January 7, 2019 | A Year in Review: Main Street's Future is Strong |
As we enter the new year, I’ve been reflecting on the National Main Street Center's work in 2018 and the state of the field more broadly. I wanted to share these thoughts with you as a way to continue to build a dialogue around what’s working on Main Street, what we’re facing as a field, and where we’re going as a movement.
When I take a step back, I’m struck by the gulf between the stories of decline and stark economic realities that dominate headlines on the one hand, and the optimism and sense of momentum I’ve witnessed in the work of Main Streets on the other. Looking back at what we’ve accomplished together as a network in 2018, and what’s on the horizon for 2019 and beyond, I’m confident now more than ever that Main Street’s future is strong. The enthusiasm, innovation, passion, and grit that fuels so many successful Main Street efforts across the country is an encouraging proof point in today’s fractured political and economic environment.
This is not to say that we don’t face real challenges in our work to support thriving local economies. The work of Main Street revitalization has always been an uphill battle, though many of the issues we face today are different than the ones that spurred the Main Street Program’s creation 40 years ago. We’ve all seen the headlines - “The Hard Truths of Trying to ‘Save’ the Rural Economy,” “Winners and losers from Amazon’s HQ2 decision,” and “How Urban Core Amenities Drive Gentrification and Increase Inequality” to name a few. Changing demographics and the urbanization of our economy pose very real challenges to rural America. In big cities, smokestack chasing economic development policies and rapid development in “hot areas” are threatening the sustainability of many of our neighborhood commercial corridors. And, major global issues ranging from climate change to the opioid crisis to gentrification are increasingly impacting the work of Main Streets on a day-to-day basis.
While the context in which we work is, in many ways, more challenging than ever, our network is at the forefront of a movement committed to solutions. As James and Deborah Fallows (who will present a keynote at Main Street Now in Seattle) argue in their book Our Towns, in the face of dysfunction on a national level, local leaders, innovators, entrepreneurs – and I’d add Main Street Directors – are busy crafting solutions with practical-minded determination.
Last year, that practical-minded determination translated into impressive impact in Main Street America communities. Together, our network catalyzed $4.48 billion in reinvestment, 8,737 building rehabilitations, 30,294 net gain in jobs, and 6,211 net gain in new businesses. And, for every dollar invested in a Main Street program, local communities saw an average reinvestment of $26.43 in their downtown district.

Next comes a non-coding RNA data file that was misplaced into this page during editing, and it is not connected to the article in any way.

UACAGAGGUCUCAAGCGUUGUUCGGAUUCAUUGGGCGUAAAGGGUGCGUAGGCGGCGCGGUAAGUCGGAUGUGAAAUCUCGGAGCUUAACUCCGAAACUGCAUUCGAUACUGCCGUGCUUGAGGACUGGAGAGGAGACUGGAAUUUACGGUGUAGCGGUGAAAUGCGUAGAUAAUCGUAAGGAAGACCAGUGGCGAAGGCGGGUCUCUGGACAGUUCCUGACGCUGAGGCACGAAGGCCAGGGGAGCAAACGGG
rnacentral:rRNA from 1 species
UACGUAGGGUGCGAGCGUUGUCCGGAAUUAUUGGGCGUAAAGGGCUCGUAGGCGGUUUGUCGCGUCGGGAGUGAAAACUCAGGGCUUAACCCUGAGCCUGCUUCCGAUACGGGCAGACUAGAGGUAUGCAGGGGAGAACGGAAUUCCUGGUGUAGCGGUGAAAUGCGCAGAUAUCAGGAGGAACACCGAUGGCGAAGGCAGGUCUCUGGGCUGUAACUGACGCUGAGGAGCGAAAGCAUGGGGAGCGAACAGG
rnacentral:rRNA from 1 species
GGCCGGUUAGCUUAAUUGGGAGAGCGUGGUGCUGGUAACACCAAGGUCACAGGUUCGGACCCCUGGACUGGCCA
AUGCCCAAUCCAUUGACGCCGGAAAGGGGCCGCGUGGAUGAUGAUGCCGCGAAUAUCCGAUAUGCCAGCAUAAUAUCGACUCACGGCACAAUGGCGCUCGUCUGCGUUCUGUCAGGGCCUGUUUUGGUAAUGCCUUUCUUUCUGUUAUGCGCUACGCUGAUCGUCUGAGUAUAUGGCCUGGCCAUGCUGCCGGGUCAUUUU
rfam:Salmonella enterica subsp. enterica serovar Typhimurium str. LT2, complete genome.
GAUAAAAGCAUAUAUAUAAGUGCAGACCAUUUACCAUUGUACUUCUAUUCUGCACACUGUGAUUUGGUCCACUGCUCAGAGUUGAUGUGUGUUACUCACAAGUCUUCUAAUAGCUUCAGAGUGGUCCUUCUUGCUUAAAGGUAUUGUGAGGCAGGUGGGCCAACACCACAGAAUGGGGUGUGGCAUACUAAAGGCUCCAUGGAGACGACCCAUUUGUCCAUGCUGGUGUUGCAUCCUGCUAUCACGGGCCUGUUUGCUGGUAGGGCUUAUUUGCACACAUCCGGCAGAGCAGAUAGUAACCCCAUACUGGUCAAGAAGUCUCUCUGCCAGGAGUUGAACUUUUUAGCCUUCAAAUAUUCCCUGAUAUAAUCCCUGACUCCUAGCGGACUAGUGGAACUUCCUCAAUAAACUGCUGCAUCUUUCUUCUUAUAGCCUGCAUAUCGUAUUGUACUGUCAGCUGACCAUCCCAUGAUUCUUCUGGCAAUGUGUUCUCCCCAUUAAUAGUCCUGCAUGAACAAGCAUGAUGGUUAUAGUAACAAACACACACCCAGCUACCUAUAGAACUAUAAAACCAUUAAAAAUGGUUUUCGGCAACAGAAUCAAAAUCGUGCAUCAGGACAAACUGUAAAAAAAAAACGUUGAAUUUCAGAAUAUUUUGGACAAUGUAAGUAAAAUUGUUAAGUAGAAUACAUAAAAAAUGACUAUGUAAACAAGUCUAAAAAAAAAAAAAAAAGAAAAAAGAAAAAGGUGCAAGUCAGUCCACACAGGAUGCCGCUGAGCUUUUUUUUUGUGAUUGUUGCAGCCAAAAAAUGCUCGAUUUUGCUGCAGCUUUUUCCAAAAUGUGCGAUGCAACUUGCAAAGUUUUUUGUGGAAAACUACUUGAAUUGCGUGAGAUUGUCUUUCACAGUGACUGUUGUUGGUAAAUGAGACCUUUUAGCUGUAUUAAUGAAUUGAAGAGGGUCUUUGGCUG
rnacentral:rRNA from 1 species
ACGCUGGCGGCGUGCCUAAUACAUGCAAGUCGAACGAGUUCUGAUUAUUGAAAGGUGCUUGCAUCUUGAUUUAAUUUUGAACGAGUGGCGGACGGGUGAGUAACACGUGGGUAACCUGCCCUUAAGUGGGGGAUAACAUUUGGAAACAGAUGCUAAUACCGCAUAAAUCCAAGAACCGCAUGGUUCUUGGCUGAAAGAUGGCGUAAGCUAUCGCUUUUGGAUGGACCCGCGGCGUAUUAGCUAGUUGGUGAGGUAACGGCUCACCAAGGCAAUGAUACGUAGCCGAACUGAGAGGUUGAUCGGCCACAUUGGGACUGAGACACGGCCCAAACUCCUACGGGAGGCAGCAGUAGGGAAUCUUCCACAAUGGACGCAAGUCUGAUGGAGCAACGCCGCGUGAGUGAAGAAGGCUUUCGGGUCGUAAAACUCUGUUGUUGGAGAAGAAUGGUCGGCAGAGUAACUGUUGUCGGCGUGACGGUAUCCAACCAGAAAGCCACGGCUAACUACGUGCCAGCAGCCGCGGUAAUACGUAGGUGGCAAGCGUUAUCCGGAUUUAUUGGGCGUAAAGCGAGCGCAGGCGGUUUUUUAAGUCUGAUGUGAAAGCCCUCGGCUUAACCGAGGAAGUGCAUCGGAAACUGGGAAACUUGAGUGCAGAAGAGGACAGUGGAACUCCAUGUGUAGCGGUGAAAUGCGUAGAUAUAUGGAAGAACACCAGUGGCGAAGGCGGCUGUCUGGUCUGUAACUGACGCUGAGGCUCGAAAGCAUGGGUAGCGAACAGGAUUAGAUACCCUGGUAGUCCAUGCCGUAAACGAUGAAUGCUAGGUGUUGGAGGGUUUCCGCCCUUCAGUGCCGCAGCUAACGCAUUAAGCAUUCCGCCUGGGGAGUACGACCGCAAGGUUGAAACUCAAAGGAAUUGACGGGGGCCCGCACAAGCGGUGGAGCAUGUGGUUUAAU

And, while these numbers are powerful, they only tell a small fraction of the story. You need to look no further than last year’s Great American Main Street Award winners – Howell, Michigan, Oregon City, Oregon; and Rock Springs, Wyoming – for examples of how local Main Street programs are supporting legacy businesses, attracting entrepreneurs, and investing in place to improve local quality of life. The Main Street Approach – our tried and true framework – continues to work in communities of all stripes. From H Street in Washington, D.C to Livermore, California, and many places in between, the Main Street Approach gives communities the tools to invest their time, people-power, and resources into what works. Ed McMahon, NMSC’s Board Chair, made this point this point so eloquently in his recent piece for us, A Proven Economic Development Strategy.
In the coming year, we look forward to bringing new resources, partnerships, and research to the network to help advance more of this kind of work. You can expect a tool-kit on Main Street transportation, new research with the Brookings Institute and Project for Public Spaces through the Bass Center on Transformative Placemaking, grant opportunities for community projects, advocacy tools, and so much more.
I count myself as fortunate to have a job that brings me into contact with such an optimistic, solutions-minded group of individuals. In the coming year, my hope is that together, we will drive a new set of headlines – ones about the hope and promise of Main Streets as places of possibility. Thank you for all that you do, and I look forward to supporting your work in 2019.
Patrice Frey, President and CEONational Main Street Center